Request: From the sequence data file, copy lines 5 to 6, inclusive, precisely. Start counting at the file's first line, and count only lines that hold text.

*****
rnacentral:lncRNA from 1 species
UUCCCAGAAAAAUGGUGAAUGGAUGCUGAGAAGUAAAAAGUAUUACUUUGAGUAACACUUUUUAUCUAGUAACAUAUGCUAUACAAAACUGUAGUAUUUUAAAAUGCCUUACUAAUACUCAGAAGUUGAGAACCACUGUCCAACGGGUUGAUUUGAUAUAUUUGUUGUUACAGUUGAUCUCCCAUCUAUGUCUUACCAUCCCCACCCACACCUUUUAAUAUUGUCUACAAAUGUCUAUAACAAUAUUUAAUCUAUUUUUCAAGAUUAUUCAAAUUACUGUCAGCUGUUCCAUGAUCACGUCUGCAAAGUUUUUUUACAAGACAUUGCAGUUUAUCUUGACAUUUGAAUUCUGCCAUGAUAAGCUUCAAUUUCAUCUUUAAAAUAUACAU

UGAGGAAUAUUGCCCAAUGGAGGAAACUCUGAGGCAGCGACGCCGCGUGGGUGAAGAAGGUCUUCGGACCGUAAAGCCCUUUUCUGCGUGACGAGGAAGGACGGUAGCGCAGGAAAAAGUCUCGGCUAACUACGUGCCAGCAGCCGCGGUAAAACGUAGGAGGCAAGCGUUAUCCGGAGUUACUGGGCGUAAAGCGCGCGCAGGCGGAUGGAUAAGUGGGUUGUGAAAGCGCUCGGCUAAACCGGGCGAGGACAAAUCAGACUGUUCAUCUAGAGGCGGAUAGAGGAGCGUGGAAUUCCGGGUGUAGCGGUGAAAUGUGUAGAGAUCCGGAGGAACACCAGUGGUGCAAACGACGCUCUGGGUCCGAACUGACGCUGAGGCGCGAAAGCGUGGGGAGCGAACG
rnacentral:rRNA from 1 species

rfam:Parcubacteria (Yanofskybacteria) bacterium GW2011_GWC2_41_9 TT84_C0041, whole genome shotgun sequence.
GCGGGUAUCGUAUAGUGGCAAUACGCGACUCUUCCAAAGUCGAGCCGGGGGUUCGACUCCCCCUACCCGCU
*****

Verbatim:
rfam:Parcubacteria (Yanofskybacteria) bacterium GW2011_GWC2_41_9 TT84_C0041, whole genome shotgun sequence.
GCGGGUAUCGUAUAGUGGCAAUACGCGACUCUUCCAAAGUCGAGCCGGGGGUUCGACUCCCCCUACCCGCU